Imminent Lok Sabha polls are not just spooking political rivals, they seem to have put a spanner in the works for automobile companies too. Mowtown slowed down for almost the entire second half of FY19, but the slowdown accelerated in the fourth quarter as polls approached. The data from the Society of Indian Automobile Manufacturers (SIAM) shows dispatches of passenger vehicles (cars, SUVs and vans) grew 7 percent in the first half of FY19 but declined by a percent in the second half, with a dip of 2 percent in the last quarter.
Passenger car dispatches were growing at 6 percent in the first six months but fell by 3 percent in the second half and by 5 percent in the last quarter of FY19. Two-wheeler dispatches were down 9 percent in the fourth quarter from a growth of 10 percent in the first six months of the fiscal. Within two-wheelers, scooter dispatches fell by a steep 16 percent in the last quarter against a 5 percent growth in the first six months.
Automobile industry veterans say a slowdown in the dispatches of passenger vehicles, in particular, just before the general elections, was noticed in two previous instances too — in May 2009 and May 14 — and that political uncertainty usually pushes prospective buyers to the sidelines. The SIAM data shows PV sales were flat in May 2009 and fell by 6 percent in May 2014 but then picked up after the election results were in, in both years. PV sales grew by a whopping 26 percent in FY10 and by 4 percent in FY15, buoyed by policy certainty.
Not just political headwinds, a slowing economy has also made matters worse for automobile sales in the second half of FY19 with GDP growth down to 6.5 percent (estimated) versus 7.5 percent in HIFY19.
Now, at least until a new government is in place and there is some policy certainty, vehicle sales in India are likely to remain subdued. But even after elections are over, the prognosis for automobile sales in India is not too healthy. As per the forecast by SIAM for 2019-20, passenger vehicles (cars, SUVs and vans together) will grow anywhere between 3-5 percent, commercial vehicles (CVs) by 10-12 percent, three wheelers by 7-9 percent and two wheelers by 5-7 percent in the current fiscal. It is apparent then that barring CVs, the days of healthy double digit growth for most other vehicle categories are now behind us, elections or no elections.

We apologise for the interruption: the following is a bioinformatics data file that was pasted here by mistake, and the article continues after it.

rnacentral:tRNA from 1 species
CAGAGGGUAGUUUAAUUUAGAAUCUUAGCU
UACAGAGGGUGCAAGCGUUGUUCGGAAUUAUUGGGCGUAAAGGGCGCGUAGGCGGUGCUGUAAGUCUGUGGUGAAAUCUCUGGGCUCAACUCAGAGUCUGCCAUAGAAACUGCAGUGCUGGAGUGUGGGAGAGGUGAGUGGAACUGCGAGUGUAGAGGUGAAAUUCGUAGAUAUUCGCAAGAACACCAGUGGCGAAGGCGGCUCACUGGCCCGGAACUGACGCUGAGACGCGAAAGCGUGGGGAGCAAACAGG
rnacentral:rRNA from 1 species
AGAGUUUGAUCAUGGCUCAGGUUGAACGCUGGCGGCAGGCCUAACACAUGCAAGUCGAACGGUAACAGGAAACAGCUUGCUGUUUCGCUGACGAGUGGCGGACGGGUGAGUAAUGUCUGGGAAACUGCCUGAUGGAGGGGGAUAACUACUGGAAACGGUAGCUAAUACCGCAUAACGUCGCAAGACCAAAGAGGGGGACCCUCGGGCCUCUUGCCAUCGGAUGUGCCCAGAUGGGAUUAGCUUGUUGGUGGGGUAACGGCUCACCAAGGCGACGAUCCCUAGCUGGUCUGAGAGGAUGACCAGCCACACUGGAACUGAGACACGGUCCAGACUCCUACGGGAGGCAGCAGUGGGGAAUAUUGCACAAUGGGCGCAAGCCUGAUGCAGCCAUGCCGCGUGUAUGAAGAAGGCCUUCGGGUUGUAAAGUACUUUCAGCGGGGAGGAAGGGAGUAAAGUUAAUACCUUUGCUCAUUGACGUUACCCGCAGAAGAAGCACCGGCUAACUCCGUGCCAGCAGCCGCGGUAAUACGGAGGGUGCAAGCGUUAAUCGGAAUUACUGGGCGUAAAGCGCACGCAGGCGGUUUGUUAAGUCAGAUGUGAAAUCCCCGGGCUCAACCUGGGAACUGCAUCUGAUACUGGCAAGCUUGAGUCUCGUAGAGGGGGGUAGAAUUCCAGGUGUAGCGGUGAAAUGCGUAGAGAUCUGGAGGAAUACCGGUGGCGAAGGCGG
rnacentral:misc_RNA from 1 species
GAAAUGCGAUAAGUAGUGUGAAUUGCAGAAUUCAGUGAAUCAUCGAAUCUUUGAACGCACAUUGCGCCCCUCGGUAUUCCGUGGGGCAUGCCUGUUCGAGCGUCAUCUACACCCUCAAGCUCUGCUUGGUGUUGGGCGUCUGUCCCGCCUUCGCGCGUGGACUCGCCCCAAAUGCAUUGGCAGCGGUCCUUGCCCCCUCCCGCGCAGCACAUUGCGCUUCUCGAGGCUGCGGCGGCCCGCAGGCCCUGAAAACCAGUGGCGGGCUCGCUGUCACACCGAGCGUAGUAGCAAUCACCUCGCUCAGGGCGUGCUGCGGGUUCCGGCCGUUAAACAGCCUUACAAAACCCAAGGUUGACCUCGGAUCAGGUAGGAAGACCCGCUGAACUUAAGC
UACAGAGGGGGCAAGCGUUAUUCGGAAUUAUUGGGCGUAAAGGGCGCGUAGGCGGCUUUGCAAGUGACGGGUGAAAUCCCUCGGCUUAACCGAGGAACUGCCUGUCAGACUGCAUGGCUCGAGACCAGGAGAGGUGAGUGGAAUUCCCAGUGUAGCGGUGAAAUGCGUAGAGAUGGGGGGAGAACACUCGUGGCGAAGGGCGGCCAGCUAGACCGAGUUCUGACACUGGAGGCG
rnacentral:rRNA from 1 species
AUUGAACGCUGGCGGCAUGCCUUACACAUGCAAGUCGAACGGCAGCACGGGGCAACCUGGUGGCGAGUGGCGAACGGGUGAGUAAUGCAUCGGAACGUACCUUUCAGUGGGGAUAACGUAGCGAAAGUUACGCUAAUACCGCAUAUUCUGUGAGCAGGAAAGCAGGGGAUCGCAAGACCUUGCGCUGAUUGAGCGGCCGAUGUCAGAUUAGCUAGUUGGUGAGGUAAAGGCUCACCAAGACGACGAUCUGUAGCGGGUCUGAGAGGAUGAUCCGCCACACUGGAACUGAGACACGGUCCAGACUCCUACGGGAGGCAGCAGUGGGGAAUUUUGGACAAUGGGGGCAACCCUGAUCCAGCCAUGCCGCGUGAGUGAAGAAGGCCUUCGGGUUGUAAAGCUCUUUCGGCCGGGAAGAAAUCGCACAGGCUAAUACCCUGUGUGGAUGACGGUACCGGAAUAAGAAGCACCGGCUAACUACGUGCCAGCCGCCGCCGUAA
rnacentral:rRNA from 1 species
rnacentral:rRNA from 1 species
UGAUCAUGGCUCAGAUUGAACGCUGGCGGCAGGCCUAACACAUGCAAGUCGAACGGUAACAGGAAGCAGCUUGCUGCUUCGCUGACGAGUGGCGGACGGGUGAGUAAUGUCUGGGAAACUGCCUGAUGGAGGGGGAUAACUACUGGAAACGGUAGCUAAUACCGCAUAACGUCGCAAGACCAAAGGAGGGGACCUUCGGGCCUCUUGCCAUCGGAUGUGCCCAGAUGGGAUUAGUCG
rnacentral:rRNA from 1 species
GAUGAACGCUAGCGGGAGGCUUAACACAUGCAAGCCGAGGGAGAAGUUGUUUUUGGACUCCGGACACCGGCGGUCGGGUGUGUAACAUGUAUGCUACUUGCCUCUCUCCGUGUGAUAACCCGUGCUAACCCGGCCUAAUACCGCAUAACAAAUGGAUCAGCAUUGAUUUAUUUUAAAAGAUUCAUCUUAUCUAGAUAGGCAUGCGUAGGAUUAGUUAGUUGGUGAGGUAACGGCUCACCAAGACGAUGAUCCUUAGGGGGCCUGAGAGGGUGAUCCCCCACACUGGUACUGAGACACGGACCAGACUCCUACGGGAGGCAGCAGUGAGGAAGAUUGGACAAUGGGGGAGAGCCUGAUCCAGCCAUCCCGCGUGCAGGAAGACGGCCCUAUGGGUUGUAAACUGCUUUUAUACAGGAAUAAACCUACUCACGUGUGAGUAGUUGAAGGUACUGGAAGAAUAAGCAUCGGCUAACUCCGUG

Besides elections, other factors which are seen contributing to slowing sales of cars, trucks and motorcycles include the rising cost of ownership, sub-optimal monsoon rains affecting rural buying sentiment and the increasing share of ride-hailing apps in urban mobility. Almost 40 percent of Maruti’s sales come from rural markets; every second two wheeler is sold in rural markets. Urban markets are already facing issues of congestion, ride-sharing options and with rural markets also slowing down, low single digit growth in automobile sales may be the new normal.
As per SIAM data, production at India’s largest car maker Maruti Suzuki India as well as at two-wheeler major Hero MotoCorp dropped by almost a fifth each in March. Maruti accounts for almost every second car sold in India whereas Hero is the world’s largest two-wheeler maker. A production cut of nearly 20 percent points to unsold inventories with the dealers and the reluctance of buyers for new vehicle purchases. Also, it is interesting to see where all the cuts have been applied.
As per data collated by analysts at Kotak Institutional Equities, sales of Maruti’s smallest cars – Maruti 800, Alto, A-Star and WagonR – contracted by more than half between March 2018 and March 2019, from 37,511 units to 16,826 units. For several decades, Maruti800 and Alto were seen as the bread and butter models of Maruti. Hero MotorCorp saw monthly sales dip by more than 2.5 lakh units this March versus the same month last year.
As is evident from such steep production cuts, dispatches of almost all categories of vehicles – cars and SUVs, scooters and bikes, heavy trucks and trailers – also fell last month. SIAM data show domestic dispatches of all vehicles together fell by 14.21 percent last month, with two wheeler dispatches registering the steepest fall and commercial vehicles (CVs) remaining flat at 0.28 percent growth. Almost 7 percent fewer cars were dispatched to dealers, scooter dispatches fell by a fourth while those of motorcycles were down by over 14 percent in March. Even mopeds fell by almost 10 percent. SIAM tracks vehicle dispatches from factories to dealers; a commensurate slowdown in onward retail is also being noticed.
The decline in passenger cars was far more than the overall PV market, at almost 7 percent to 177,949 units. The decline in motorcycle sales was also steep, to 982,385 units from 11,45,879 units a year earlier.SIAM president Rajan Wadhera says the government can help the automobile industry by reducing the GST rate on cars and two-wheelers from 28 percent to 18 percent. Anyway, with the deadline for BS VI fuel looming, the industry hopes for a robust purchase of discounted BS IV vehicles this fiscal which may help boost overall sales numbers.